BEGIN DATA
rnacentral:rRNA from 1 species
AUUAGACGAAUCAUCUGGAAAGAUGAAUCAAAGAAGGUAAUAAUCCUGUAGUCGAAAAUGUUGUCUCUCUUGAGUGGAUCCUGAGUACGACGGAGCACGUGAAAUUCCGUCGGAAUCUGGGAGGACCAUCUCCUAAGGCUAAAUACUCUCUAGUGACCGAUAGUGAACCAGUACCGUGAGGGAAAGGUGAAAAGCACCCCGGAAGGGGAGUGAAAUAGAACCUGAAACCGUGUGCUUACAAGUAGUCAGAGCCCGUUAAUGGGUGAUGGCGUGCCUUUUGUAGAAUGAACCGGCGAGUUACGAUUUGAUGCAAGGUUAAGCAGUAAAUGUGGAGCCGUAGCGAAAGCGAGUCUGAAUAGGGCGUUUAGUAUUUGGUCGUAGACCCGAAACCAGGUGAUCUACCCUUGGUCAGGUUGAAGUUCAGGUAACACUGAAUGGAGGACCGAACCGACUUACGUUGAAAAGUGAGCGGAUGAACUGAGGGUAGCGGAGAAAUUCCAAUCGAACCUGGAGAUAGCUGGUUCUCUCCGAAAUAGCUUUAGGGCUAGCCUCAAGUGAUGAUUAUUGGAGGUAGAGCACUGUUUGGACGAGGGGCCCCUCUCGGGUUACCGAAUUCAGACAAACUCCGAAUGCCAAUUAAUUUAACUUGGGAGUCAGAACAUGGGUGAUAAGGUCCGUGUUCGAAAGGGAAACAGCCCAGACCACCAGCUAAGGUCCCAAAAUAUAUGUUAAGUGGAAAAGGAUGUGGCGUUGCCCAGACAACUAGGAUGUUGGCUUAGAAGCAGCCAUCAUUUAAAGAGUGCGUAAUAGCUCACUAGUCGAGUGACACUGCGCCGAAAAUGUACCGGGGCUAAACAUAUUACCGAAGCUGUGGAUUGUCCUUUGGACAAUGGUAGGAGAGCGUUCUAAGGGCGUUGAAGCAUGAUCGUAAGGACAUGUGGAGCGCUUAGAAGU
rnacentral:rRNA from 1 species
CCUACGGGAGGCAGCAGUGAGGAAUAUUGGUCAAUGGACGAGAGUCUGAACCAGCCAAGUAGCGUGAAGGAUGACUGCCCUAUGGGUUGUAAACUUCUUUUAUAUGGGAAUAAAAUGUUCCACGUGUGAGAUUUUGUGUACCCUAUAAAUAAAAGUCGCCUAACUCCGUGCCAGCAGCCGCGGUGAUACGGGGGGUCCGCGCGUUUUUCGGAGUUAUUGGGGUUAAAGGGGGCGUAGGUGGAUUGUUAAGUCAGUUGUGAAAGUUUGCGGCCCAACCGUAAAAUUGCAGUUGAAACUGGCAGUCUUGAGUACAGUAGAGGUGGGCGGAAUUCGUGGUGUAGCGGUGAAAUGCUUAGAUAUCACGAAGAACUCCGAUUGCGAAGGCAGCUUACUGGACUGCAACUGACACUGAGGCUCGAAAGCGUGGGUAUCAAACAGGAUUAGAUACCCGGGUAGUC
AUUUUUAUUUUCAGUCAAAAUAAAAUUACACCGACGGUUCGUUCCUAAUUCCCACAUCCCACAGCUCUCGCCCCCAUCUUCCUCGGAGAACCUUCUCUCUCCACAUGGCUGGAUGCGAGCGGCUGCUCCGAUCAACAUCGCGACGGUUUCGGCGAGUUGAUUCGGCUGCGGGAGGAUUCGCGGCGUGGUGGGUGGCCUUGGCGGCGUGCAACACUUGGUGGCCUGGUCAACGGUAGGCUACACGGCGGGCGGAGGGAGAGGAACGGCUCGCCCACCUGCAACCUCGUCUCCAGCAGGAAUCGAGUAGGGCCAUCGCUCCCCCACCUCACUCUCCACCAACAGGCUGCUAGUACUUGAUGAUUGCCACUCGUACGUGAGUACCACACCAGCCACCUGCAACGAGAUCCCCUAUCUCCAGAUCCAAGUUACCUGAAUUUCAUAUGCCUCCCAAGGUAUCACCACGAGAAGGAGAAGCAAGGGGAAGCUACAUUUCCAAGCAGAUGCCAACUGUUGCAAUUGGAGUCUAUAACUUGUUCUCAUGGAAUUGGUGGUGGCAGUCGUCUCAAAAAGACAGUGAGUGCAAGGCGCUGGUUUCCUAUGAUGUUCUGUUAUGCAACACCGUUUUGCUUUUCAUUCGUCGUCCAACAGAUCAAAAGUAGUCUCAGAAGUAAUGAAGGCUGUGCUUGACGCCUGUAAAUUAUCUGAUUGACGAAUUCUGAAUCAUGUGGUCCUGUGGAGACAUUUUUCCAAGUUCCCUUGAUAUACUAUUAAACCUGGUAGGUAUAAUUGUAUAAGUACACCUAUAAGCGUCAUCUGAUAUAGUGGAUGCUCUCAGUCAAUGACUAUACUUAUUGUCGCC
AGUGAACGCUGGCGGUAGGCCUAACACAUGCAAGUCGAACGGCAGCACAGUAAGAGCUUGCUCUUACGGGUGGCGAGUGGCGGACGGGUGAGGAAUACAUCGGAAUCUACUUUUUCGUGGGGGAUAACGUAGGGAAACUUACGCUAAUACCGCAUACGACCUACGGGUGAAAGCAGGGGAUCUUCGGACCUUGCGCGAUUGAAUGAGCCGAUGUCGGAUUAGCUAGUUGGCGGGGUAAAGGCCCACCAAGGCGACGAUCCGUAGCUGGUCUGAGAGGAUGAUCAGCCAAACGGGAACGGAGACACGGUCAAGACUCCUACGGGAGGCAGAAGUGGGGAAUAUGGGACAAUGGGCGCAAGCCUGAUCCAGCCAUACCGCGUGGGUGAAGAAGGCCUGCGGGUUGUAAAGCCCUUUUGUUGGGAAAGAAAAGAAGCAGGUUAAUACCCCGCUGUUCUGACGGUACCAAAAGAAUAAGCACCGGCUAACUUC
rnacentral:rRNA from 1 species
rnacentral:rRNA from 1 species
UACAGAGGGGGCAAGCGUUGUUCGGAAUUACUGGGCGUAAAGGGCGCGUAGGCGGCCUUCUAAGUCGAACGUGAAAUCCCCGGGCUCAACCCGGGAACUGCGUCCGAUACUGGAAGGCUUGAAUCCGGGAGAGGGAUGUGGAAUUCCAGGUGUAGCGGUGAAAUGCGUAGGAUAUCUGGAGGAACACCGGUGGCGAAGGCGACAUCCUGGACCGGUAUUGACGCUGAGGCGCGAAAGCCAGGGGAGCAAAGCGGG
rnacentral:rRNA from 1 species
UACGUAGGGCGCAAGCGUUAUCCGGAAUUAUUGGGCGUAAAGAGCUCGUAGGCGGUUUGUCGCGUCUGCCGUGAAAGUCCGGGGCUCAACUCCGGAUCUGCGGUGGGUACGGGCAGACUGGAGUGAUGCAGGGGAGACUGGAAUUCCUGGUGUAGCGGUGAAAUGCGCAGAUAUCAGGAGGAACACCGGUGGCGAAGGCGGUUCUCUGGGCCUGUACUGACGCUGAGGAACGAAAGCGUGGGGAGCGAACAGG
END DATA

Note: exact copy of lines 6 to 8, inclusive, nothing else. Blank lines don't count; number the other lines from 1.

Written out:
AGUGAACGCUGGCGGUAGGCCUAACACAUGCAAGUCGAACGGCAGCACAGUAAGAGCUUGCUCUUACGGGUGGCGAGUGGCGGACGGGUGAGGAAUACAUCGGAAUCUACUUUUUCGUGGGGGAUAACGUAGGGAAACUUACGCUAAUACCGCAUACGACCUACGGGUGAAAGCAGGGGAUCUUCGGACCUUGCGCGAUUGAAUGAGCCGAUGUCGGAUUAGCUAGUUGGCGGGGUAAAGGCCCACCAAGGCGACGAUCCGUAGCUGGUCUGAGAGGAUGAUCAGCCAAACGGGAACGGAGACACGGUCAAGACUCCUACGGGAGGCAGAAGUGGGGAAUAUGGGACAAUGGGCGCAAGCCUGAUCCAGCCAUACCGCGUGGGUGAAGAAGGCCUGCGGGUUGUAAAGCCCUUUUGUUGGGAAAGAAAAGAAGCAGGUUAAUACCCCGCUGUUCUGACGGUACCAAAAGAAUAAGCACCGGCUAACUUC
rnacentral:rRNA from 1 species
rnacentral:rRNA from 1 species